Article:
Award-Winning Teacher Is Like A Mother To Her Students
Wednesday, 09 May 2012
TODAY (Pg 23)
SINGAPORE - Primary 6 student R Sathiysh used to flare up easily and utter vulgarities openly.
Now, the 12-year-old calms himself - by splashing water on his face - and watches his words.
And the Xinghua Primary pupil has his teacher, Madam Chee Mui Choo, 41, to thank for a new-found control over his emotions. "Instead of punishing me when I said bad words, she told me politely that this will become a habit for life if I continue doing it. That is why I wanted to change," he said.
Mdm Chee, who has been teaching since 1995, was among 15 educators who were recognised yesterday at the biennial Caring Teacher Awards ceremony.
Speaking to Today, Mdm Chee recalled how, after having taught at Victoria Junior College - one of the top JCs here - during the first four years as teacher, she was assigned to teach primary school students, some of whom came from broken families or had special learning needs.
But she overcame the difficulties by treating the pupils as her own children.
"It was overwhelming at first, but I eventually learnt that many lack the proper guidance and support at home and I wanted to be a mother to them," said the mother of three.
At the beginning of each school year, she would provide her mobile number to her pupils and encourage them to confide in her any issues they may have.
One student, for example, has exchanged over a hundred text messages with her, said Mdm Chee. She added that she kept all the messages and discussed the issues the child was facing with his family. Apart from providing emotional support, Mdm Chee uses games and magic tricks during lessons to spur interest in her students.
And to help those with special needs, she would read up on their conditions and work with external experts and the students' families.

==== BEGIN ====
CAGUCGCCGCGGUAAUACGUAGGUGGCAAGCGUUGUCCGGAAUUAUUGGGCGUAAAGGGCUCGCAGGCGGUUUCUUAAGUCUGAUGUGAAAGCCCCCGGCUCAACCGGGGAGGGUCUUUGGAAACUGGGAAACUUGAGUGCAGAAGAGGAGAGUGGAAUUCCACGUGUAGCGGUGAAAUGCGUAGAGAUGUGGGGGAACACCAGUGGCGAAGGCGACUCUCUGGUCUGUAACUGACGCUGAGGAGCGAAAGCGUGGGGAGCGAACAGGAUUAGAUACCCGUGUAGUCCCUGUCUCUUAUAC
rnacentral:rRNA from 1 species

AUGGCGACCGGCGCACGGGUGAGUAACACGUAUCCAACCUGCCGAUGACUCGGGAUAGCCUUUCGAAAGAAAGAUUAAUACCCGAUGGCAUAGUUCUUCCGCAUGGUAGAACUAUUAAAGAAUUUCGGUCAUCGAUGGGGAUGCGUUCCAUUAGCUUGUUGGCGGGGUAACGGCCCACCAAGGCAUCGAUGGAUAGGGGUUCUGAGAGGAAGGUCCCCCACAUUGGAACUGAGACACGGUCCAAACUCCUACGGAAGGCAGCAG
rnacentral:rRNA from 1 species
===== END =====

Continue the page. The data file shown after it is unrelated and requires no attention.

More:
Mdm Chee stressed the importance of character-building for her students. To that end, she has started a reward system: Students who exhibit positive values will be given points and those with the highest points at the end of each term will be given stationeries or a treat at a fast-food restaurant.
Said Mdm Chee: "At the end of the day, it is not just about academic excellence but the character traits that will stay with them for life.
Speaking at the awards ceremony, Minister of State (Education and Defence) Lawrence Wong reiterated the positive impact teachers can have on children.
"Caring teachers do all they can to nurture their students to be the best they can be ... In turn, these caring teachers are those whom students work the hardest for, because they don't want to let them down," he said.
[The Caring Teacher Awards is a biennial event, jointly organised by NIE and ExxonMobil Asia Pacific Pte Ltd, with support from Ministry of Education, Singapore]
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Source: TODAY (Pg 23), mediacorp